And now a word from our sponsor

I’m taking some time off and I’m not one of those super hero types who blog when they are on vacation. I am spending time with my family, not the computer.

However, I’ve set-up some of my favorite blog posts from the past for you to view while I’m gone. If you’re new to {grow} I think you’ll enjoy them and if you’re familiar with the blog, well … you’ll probably be bored quite frankly, but I’m doing my best : )  See ya soon!

“Listening” graphics have a long way to go

blog world grafic

The big BlogWorld Expo was this week in Las Vegas and I was anxious to learn as much as I could about what was going on out there.

One of the outputs was the above image.  It’s supposed to tell us what conversations are going on and the relationships between the keywords.  I’m tiring of these ridiculous graphics.  Am I supposed to oooh and aaah that this graphically depicts that “Vegas” and “blogger” were the two key terms from this conference?  What insight does this chart really provide? And yet, I see more and more meaningless stuff like this every day.

I’ve been spending time studying the trends in social media monitoring and have been impressed with the rapid progress.  But there is still a lot of noise like this chart that really tells us nothing.  The fact is, the most meaningful keyword and sentiment analysis is all still being done MANUALLY.

For all the social media “listening” we’re supposed to be doing, we had better come up with better ways to show our company managment what’s going on.

Your chance to help a {grow} friend!

a-helping-handThe {grow} community is our little cyber salon where we can hang out, get to know each other, and hash out some issues together.  I also like to extend a hand and help readers where I can, and I hope you will, too.

Jamie Wallace (@suddenlyjamie) has been an important contributor to {grow} as a guest blogger and commenter. You might recall an article she wrote, “Why measuring social media ROI is like being a great bartender” which became  an Internet sensation!

She’s trying to secure a position as a blogger with NatureMade Vitamin Company and part of that process is an online voting competition. Let’s call it what it is: a vitamin-infused publicity stunt, and probably a good one!  She has to be one of the top 20 vote-getters to be considered for the job.

In any event, Jamie passionately wants this job and YOU have a chance to help her get it by voting for her.  That’s right. You can help one of our community members get a job!  Click here to help:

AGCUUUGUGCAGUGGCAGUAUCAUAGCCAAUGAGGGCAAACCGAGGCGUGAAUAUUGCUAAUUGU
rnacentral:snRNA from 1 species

This is a chance to support Jamie and thank her for her contributions in this space. Thanks for making this community AMAZING by helping each other when we need it!

P.S.  Tweeting this article will help Jamie, too.

P.P.S.  Isn’t “The Jungle Book” a great movie?  I think it was the first film I ever saw in a theater.

Three reasons why Microsoft is cool again

PC and MAc

One of the points that differentiates me from other bloggers:  I’m old enough to remember when Microsoft was cool. They were the college drop-out geeks who conquered the world.  Then David turned into Goliath. And nobody likes Goliath.

But I just get this sense that Microsoft is recaputuring its mojo. Let’s see if you agree.

1) Those ads.  As a marketer, I loved the ninja move they put on Apple.  Apple’s ad campaign famously defined their competitor as a pasty-faced, clunky slug.  Instead of fighting this deeply embedded image, Microsoft incorporated it into its own ads and flipped the “Apple cart” by highlighting the breadth and depth of the Microsoft user base.  This was simply inspired marketing.

2)  Real service.  The last time I went to an Apple Store with a technical problem, they said “no.”  I never encountered that as a service option before or since.  They would not fix my product and would not even recommend somebody who could.  The only option was “you’ll have to buy a new one.”

I have had enough hair-pulling customer service disasters from both companies to make me repulsed by the thought of a service call. But my last experience with Microsoft was very different.  I got a live person on the first ring, which left me momentarily paralyzed.  The India-based technical leader took control of my computer and solved a debilitating problem in 10 minutes.  But when he sent me back to customer service for a refund on a purchase, I hit a stone wall. The technical leader, who had not abandoned the call, jumped in and asked if I could be put on hold while he addressed the problem. Thirty seconds later he came back on and explained that my money had been refunded.  I was impressed that the technician took accountability for the entire customer service experience and had enough authority to do the right thing on the spot. Well done.

3) The Bing Thing.  The best companies constantly re-invent themselves with Madonna-like regularlity.  But Bing out-Googled Google by upping the ante on search performance features. Consumers rewarded Microsoft’s  innovation by moving to Bing in droves. It’s no easy feat to grab share from a famous and entrenched market leader. Google will respond. Microsoft’s aggressive and innovative market entry will speed the evolution of the platform and benefit us all.

In a few days, Microsoft will release their latest operating system evolution.  Here’s hoping the Big Guy stays on a roll.  We need that.

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